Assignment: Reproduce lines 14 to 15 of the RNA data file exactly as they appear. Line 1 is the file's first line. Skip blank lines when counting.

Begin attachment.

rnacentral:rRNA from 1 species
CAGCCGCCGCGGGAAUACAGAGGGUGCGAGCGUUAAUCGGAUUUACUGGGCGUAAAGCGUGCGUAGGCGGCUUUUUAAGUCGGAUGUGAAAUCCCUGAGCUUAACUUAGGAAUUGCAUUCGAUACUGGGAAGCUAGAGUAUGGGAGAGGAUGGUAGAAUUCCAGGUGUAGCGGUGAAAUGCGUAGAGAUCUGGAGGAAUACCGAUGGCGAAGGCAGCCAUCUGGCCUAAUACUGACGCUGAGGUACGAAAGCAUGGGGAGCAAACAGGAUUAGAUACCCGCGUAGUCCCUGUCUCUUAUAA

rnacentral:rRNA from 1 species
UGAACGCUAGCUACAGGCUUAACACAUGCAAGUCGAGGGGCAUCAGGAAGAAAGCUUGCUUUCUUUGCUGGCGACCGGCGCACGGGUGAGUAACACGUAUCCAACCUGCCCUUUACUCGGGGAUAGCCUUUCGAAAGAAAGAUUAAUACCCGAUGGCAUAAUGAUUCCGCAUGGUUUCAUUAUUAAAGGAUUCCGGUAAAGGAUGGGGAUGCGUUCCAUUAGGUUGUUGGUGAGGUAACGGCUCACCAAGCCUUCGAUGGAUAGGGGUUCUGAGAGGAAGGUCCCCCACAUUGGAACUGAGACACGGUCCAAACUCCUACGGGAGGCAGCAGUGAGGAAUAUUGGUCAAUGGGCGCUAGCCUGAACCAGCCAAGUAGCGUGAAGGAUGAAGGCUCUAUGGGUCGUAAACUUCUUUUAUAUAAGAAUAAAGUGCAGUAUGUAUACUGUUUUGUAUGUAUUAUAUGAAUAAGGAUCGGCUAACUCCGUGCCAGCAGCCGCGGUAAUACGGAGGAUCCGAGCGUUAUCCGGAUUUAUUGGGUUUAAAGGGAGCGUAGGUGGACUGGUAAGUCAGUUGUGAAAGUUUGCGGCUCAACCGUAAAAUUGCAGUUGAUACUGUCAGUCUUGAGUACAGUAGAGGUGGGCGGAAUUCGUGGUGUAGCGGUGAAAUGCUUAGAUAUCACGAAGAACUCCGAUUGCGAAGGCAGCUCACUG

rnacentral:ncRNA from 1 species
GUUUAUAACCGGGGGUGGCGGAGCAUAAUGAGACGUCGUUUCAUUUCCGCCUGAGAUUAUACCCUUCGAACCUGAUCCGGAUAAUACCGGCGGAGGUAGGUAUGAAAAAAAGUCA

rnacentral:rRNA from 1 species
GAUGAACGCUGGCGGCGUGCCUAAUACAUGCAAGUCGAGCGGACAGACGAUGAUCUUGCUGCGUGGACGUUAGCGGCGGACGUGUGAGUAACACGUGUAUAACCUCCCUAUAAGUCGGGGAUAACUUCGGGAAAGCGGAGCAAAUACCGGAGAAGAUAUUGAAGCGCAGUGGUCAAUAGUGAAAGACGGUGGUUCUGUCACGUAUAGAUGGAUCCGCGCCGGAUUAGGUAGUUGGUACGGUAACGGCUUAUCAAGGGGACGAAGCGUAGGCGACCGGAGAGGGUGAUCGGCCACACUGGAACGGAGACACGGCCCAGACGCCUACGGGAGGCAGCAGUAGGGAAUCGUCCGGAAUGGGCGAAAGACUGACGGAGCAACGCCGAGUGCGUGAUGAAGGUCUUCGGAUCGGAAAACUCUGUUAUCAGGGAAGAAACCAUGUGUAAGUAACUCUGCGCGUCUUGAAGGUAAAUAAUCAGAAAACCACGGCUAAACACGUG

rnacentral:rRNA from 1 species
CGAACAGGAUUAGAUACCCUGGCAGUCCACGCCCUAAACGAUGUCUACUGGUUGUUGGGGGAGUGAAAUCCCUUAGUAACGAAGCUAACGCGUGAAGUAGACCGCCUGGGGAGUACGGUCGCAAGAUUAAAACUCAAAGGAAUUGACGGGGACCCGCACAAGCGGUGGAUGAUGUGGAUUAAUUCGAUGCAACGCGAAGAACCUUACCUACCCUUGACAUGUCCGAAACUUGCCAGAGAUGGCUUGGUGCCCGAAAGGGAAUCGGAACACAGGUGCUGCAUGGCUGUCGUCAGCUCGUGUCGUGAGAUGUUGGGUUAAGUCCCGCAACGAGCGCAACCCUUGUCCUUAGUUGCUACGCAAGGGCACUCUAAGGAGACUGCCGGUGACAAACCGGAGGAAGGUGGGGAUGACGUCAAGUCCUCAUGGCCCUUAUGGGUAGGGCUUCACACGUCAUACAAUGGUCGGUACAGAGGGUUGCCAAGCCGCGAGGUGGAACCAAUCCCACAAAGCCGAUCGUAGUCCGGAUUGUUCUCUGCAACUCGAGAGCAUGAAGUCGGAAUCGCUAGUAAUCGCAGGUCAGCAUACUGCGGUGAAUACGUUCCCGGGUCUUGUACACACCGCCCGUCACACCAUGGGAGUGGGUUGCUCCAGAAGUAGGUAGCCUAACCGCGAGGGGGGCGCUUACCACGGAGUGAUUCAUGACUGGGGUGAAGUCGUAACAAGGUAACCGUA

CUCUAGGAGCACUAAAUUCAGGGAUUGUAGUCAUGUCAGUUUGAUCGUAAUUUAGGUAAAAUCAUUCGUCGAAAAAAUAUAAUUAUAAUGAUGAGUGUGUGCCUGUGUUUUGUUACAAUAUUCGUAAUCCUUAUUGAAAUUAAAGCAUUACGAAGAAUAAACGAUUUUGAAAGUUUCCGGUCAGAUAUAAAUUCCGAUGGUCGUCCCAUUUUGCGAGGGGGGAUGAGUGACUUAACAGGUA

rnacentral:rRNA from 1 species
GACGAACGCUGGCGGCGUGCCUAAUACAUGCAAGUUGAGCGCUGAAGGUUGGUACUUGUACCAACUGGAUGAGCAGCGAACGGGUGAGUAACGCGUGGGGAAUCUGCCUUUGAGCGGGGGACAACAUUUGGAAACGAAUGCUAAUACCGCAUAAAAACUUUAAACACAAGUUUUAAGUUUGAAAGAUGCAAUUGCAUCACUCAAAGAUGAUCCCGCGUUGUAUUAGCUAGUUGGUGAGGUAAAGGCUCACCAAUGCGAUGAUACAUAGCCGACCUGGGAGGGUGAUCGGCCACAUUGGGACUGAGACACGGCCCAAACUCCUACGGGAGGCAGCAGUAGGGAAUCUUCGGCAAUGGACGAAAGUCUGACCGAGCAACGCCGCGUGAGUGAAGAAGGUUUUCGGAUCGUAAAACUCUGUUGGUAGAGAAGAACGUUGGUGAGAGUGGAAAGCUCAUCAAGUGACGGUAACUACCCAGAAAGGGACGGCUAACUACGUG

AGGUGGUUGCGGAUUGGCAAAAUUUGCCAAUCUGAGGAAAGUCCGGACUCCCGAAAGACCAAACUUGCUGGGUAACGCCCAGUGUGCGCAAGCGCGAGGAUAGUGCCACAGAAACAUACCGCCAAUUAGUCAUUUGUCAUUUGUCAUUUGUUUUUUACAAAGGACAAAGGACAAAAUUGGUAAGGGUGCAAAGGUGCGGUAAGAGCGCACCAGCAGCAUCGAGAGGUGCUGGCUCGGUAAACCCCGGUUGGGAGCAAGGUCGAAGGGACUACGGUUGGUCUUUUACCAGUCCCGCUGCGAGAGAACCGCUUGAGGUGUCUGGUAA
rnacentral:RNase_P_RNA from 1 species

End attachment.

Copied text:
AGGUGGUUGCGGAUUGGCAAAAUUUGCCAAUCUGAGGAAAGUCCGGACUCCCGAAAGACCAAACUUGCUGGGUAACGCCCAGUGUGCGCAAGCGCGAGGAUAGUGCCACAGAAACAUACCGCCAAUUAGUCAUUUGUCAUUUGUCAUUUGUUUUUUACAAAGGACAAAGGACAAAAUUGGUAAGGGUGCAAAGGUGCGGUAAGAGCGCACCAGCAGCAUCGAGAGGUGCUGGCUCGGUAAACCCCGGUUGGGAGCAAGGUCGAAGGGACUACGGUUGGUCUUUUACCAGUCCCGCUGCGAGAGAACCGCUUGAGGUGUCUGGUAA
rnacentral:RNase_P_RNA from 1 species